22 comments

  • Two other passive sources of income (for UK and EU writers at least) are the Public Lending Rights and the Authors’ Licencing and Collecting Society. Though, of course, the more you’ve written and the more popular your books, the more you get from PLR and ALCS.

    Liked by 3 people

  • I wish I had something constructive to add. Sadly I have been writing on WordPress for over two years without any inclination to turn it into any kind of income. However, I am beginning to consider ways I could generate income with my humble offerings. Thank you for sharing this, perhaps one day I will have something useful to add.

    Liked by 2 people

  • Another potential source of income (that I haven’t tried yet) might be those online surveys you can get paid for. Most companies are already mining our personal information so we might as well get paid for it. But they only pay through PayPal, which I won’t use, or online coupons and gift cards. My husband buys frequently from Amazon, so the gift cards would save us money. And you could always sell or trade whatever you buy.

    Liked by 3 people

  • Hi GJ,

    Great options. These are sites I have heard about. I am taking notes as well for the future. Like you said, build up the fanbase and at the right time begin those steps.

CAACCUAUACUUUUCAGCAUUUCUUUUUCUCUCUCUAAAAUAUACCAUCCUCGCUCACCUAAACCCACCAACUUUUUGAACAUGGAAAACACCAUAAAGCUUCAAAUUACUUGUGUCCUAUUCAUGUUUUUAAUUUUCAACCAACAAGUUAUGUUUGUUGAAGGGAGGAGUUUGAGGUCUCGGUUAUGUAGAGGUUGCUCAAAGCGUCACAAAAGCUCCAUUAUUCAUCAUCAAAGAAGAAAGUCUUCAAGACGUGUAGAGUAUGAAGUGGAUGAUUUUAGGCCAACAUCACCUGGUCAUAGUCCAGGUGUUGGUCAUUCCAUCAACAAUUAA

I am looking at just the steps you have here and I wonder if the affilate idea might be cool to start with, then once established get more Patreon-based. Possibly move away from adds all together at some point. I have seen a friend have a whole string of adds and product placement in her blog and it can seem a distraction.

    I think you are smart to take one step at a time.

    Thank you,

    Gary

    Liked by 2 people

  • Hi, Gareth, I got a lot of poor feedback about WordAds on my WordPress site. Most said that the adverts were distracting when reading posts and took away the enjoyment of reading posts (something I agree with because it happens to me). Considering I was getting revenue that would buy me one cup of coffee a month, I turned them off. I have the same problem with bloggers who attach gifs to all their blog posts. They are too distracting, and I will unfollow a blog if I can’t read posts comfortably.

    Liked by 2 people

    • Thanks Hugh. You’re reinforcing my personal view too. If the money was decent then you could maybe accept the compromise. I also think if the ads were more relevant it would help.

      Liked by 1 person

  • This was so helpful! I had no idea you could request for WordPress to consider your website for wordads, even if you didn’t use a paid plan!! I doubt they would allow mine, as my view count is pretty low, but it’s a good fact to know. The e-book was a clever idea as well. Regarding your question about ads, I don’t really mind them, as long as there aren’t a bagillion of them. It just tells me that the author is even more committed to his site, because he/she has something to lose if he/she fails to produce appealing content. Go for it if you want to! $20 is $20, after all.

    Liked by 1 person